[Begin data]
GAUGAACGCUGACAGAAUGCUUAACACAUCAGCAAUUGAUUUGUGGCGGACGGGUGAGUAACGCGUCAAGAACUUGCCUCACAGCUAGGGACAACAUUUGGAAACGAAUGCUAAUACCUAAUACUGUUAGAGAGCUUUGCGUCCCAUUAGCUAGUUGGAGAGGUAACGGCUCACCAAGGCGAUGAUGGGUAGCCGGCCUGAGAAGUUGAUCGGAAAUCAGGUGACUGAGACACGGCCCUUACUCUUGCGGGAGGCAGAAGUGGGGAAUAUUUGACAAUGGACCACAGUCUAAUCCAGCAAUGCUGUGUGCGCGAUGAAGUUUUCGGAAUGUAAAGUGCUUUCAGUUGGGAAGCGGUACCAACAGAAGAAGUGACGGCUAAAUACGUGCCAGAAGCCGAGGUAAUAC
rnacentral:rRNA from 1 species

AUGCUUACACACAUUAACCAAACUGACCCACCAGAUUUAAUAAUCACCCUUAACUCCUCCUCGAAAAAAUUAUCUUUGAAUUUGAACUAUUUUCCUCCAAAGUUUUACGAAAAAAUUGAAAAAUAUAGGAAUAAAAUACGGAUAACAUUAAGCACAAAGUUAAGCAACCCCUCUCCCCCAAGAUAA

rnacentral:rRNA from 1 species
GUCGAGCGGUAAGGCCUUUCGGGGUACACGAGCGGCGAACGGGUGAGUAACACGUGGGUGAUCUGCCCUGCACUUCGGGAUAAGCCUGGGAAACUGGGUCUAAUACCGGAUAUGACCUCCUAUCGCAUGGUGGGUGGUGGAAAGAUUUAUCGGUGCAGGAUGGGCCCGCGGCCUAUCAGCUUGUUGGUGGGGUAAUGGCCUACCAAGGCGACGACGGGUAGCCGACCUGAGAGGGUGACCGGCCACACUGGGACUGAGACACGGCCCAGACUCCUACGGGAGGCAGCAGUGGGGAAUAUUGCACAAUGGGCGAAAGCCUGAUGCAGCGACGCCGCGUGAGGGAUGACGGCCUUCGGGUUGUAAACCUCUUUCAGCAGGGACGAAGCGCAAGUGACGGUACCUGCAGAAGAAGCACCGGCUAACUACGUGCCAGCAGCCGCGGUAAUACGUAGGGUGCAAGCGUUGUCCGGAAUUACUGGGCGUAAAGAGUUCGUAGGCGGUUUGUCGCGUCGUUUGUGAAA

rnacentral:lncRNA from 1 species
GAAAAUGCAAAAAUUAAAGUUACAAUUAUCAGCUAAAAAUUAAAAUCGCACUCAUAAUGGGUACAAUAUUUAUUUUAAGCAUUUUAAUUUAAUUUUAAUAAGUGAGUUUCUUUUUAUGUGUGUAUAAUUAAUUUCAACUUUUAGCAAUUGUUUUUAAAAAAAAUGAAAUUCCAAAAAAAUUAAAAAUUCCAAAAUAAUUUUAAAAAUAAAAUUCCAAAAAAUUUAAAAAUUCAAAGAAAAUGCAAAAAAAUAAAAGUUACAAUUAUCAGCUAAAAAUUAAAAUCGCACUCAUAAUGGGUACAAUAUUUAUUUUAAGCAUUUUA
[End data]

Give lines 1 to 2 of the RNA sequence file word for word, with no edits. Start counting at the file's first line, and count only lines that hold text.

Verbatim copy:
GAUGAACGCUGACAGAAUGCUUAACACAUCAGCAAUUGAUUUGUGGCGGACGGGUGAGUAACGCGUCAAGAACUUGCCUCACAGCUAGGGACAACAUUUGGAAACGAAUGCUAAUACCUAAUACUGUUAGAGAGCUUUGCGUCCCAUUAGCUAGUUGGAGAGGUAACGGCUCACCAAGGCGAUGAUGGGUAGCCGGCCUGAGAAGUUGAUCGGAAAUCAGGUGACUGAGACACGGCCCUUACUCUUGCGGGAGGCAGAAGUGGGGAAUAUUUGACAAUGGACCACAGUCUAAUCCAGCAAUGCUGUGUGCGCGAUGAAGUUUUCGGAAUGUAAAGUGCUUUCAGUUGGGAAGCGGUACCAACAGAAGAAGUGACGGCUAAAUACGUGCCAGAAGCCGAGGUAAUAC
rnacentral:rRNA from 1 species